A House vote on the latest plan to repeal and replace Obamacare could come as soon as Friday, lawmakers are telling reporters on Capitol Hill after the conservative House Freedom Caucus on Wednesday endorsed a revised version of a bill that would allow states to opt out of a core ObamaCare protection that prevents insurers from denying coverage to people with pre-existing conditions.

The provision stripping protections for people with pre-existing conditions was backed by GOP congressional leaders and the White House. Conservatives have complained the provision drives up premiums.

The agreement with the most conservative Republicans puts moderates in a pickle. They have demanded that the popular protection remain in any legislation to replace the Affordable Care Act but now may in the uncomfortable position of being the only obstacle to passing and enacting Obamacare replacement legislation.

The change to the GOP plan was negotiated by centrist Rep. Tom MacArthur, R-N.J., and Freedom Caucus Chairman Rep. Mark Meadows, R-N.C.  Besides letting states apply for waivers from ObamaCare provisions that ban higher premiums for people with pre-existing conditions, the ban also lets states escape mandate minimum insurance coverage requirements, as long as the state offers high-risk pools as an alternative.

The House whip team is gauging support within the GOP ranks and whether enough moderates will come around to support the package.

Insurers and hospital stocks were moving slightly. Humana (HUM - Get Report) was up about 1.5% to $219.50 per share, Cigna (CI - Get Report) and Aetna (AET) were both up less than a percent.

Hospital stocks were mixed with Community Health (CYH - Get Report) down about 1.25% to $8.49, HCA (HCA - Get Report) was down about 1.1% and LifePoint (LPNT) down about 20 cents to $61.30 per share. Tenet (THC - Get Report) was up about 4 cents, or .2%, to $15.63 per share.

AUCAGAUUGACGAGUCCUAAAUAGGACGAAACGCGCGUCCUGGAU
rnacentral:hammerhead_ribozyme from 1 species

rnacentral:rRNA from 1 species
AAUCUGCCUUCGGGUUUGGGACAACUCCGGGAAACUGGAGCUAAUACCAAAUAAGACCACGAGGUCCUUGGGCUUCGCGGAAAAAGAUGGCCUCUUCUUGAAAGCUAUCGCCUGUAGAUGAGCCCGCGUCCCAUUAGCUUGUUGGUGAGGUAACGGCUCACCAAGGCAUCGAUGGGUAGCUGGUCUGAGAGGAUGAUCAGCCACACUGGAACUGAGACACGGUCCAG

House Speaker Paul Ryan, R-Wis., said Wednesday morning at a legislative seminar sponsored by law firm BakerHostetler that House leadership is eager to bring a new repeal and replace bill to the floor but won't subject the effort to another embarrassing defeat. "We're going to do it when we've go the votes for it," he said.

Ryan noted that lawmakers have returned from a two-week break determined to push forward with ACA repeal and replace. While back in their districts, GOP lawmakers met with voter and were reminded that "constituents are fed up with Obamacare. They want to see us move a replacement plan," he said.

Ryan predicted that passage in the House will occur this time because GOP lawmakers have accepted that in order to avoid a filibuster by Democrats in the Senate the bill must comply with that chamber's rules for budget reconciliation rules.

Budget reconciliation measures can pass the Senate with a simple majority, which the GOP has in the chamber. Other bills require 60 votes, a path that would require the GOP to secure Democratic votes, a seemingly impossible task when it comes to an issue as politically charged as healthcare reform.

Many GOP opponents of the previous healthcare plan now realize they cannot create entire replacement for Obamacare in a budget reconciliation plan and and some key reform measures must wait until separate bills are brought to a vote later.

"You can't put everything you want in a healthcare bill in this bill because it has to go through Senate budget Rules," Ryan said. "We would love to have all the things we think are necessary to get us a dynamic, market based patent-centered healthcare system--that everyone gets affordable coverage and you get innovation and competition but you can can't put all those policies in this bill."